Do you remember playing the game Hide and Go Seek? I loved playing that game as a kid, especially at dusk during the summer. We would designate a certain area for the boundaries of our game because each house was on at least a half-acre. All of our houses were on hills with all sorts of trees, vegetation, and gullies making great places to hide. The best part was there were no streetlights, so unless there was a full moon, the shadows also provided a lot of protection from whoever was “It.”
There were so many great places to hide that sometimes it was hard to choose the perfect place. I remember, more than once, having an adrenaline rush because whoever was “It” was already calling “Ready or not, here I come” before I was settled into my hiding place! The key was to have the perfect hiding place picked out before whoever was “It” started counting. Then you were settled and ready when they started looking.
The other thing we loved doing was camping out in the backyard. We lived in a very wooded area with raccoons, skunks, and other critters so it really was like camping out. My sister and I, and the two sisters across the street, decided we’d camp out. Well, we heard the boys, who also played hide-and-seek with us, talking about how they were going to scare us that night.
Being smarter than they were, we decided to booby trap the backyard. Were they ever surprised when we were ready for them!
Wouldn’t it be nice to be ready for the surprises that show up in our own lives? I think most of us cruise through life thinking we’ll take things as they come, only to find ourselves, more often than not, caught off guard and unprepared for what life hands us!
Then add in the God factor. Where is God? Or, will I recognize when God shows up?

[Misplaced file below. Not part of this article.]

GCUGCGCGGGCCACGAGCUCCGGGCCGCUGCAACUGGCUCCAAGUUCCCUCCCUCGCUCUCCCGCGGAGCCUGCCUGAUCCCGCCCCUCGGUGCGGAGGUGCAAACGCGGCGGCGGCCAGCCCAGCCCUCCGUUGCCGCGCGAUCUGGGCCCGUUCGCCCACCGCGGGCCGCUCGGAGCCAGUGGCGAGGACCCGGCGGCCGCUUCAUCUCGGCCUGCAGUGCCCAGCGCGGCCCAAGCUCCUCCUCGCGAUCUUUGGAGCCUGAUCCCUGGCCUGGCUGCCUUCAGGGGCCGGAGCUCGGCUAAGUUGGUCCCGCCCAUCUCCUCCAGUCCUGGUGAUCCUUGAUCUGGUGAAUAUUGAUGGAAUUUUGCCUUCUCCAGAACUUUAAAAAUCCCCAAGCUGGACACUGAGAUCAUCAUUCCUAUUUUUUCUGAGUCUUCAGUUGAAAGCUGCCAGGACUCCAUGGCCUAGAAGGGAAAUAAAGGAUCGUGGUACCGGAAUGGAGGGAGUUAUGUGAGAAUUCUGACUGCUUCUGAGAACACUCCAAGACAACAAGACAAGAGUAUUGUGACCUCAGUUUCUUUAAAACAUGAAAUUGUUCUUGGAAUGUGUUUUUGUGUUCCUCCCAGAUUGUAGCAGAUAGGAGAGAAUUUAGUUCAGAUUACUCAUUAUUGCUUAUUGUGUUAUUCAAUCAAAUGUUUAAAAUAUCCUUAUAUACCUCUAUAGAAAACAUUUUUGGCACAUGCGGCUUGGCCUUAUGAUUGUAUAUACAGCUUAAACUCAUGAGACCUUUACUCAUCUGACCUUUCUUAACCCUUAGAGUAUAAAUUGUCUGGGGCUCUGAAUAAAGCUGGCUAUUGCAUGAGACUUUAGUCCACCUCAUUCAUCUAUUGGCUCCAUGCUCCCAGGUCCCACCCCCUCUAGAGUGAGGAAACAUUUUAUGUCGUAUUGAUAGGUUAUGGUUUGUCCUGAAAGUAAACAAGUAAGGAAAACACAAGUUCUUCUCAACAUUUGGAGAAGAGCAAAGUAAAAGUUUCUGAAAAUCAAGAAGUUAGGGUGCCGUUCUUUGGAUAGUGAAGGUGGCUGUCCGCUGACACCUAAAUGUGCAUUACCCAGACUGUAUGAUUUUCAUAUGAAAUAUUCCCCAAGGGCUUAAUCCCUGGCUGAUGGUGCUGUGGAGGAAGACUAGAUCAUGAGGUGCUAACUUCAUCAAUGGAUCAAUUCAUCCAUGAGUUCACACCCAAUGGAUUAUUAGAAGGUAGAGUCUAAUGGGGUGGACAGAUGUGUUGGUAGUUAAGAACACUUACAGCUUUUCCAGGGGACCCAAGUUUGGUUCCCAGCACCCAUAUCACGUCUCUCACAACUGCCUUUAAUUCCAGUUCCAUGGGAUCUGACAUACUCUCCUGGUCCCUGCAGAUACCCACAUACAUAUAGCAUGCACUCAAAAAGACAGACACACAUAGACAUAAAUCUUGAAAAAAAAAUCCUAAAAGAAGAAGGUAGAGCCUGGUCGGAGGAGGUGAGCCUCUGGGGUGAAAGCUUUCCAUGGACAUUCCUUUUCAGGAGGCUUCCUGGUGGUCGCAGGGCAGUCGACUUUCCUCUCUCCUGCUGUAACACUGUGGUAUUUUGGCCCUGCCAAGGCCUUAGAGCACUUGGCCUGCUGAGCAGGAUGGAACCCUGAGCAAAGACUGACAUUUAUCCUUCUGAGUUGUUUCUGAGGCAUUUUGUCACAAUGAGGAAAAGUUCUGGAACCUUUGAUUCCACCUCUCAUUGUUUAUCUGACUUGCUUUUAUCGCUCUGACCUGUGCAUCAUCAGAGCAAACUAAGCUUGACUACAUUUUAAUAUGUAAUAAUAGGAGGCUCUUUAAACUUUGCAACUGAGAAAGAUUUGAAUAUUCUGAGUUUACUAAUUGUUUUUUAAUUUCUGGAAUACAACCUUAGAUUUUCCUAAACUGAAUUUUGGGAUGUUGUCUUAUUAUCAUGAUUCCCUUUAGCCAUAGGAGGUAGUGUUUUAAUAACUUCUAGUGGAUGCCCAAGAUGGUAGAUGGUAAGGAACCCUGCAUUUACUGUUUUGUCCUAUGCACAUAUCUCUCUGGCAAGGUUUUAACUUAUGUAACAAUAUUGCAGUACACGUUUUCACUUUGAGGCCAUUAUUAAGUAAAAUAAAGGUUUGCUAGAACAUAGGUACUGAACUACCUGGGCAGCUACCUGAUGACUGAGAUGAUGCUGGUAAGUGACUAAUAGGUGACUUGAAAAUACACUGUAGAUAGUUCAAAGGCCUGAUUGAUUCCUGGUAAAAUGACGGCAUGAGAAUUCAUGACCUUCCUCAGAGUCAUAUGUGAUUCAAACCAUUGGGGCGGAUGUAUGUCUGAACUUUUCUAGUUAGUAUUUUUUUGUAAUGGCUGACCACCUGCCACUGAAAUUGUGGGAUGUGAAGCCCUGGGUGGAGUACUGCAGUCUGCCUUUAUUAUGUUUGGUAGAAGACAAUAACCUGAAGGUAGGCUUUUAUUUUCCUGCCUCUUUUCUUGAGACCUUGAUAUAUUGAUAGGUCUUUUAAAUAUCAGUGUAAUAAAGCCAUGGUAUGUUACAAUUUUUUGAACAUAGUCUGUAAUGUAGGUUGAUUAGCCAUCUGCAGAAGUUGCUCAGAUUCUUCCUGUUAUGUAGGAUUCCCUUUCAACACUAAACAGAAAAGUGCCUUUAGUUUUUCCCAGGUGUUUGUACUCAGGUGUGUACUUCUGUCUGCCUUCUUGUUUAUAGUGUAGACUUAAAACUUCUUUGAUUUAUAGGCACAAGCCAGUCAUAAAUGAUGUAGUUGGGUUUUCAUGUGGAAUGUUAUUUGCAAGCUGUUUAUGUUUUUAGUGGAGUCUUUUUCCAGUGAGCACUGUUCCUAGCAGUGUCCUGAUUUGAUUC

Whenever Jesus wanted to get the attention of his friends, he told a story. Jesus tells this story because they were cruising through life just as we do. Not only that, some of them had a deal with God: basically, we’ll go to church and even set up rules for how to live. But don’t expect us to be flexible or change the rules! They thought they were ready for anything by being regulated, rigid, and religious!
‘Then the kingdom of heaven will be like this. Ten bridesmaids took their lamps and went to meet the bridegroom. Five of them were foolish, and five were wise. When the foolish took their lamps, they took no oil with them; but the wise took flasks of oil with their lamps. As the bridegroom was delayed, all of them became drowsy and slept. But at midnight there was a shout, “Look! Here is the bridegroom! Come out to meet him.” Then all those bridesmaids got up and trimmed their lamps. The foolish said to the wise, “Give us some of your oil, for our lamps are going out.” But the wise replied, “No! there will not be enough for you and for us; you had better go to the dealers and buy some for yourselves.” And while they went to buy it, the bridegroom came, and those who were ready went with him into the wedding banquet; and the door was shut. Later the other bridesmaids came also, saying, “Lord, lord, open to us.” But he replied, “Truly I tell you, I do not know you.” Keep awake therefore, for you know neither the day nor the hour. Matthew 25:1-13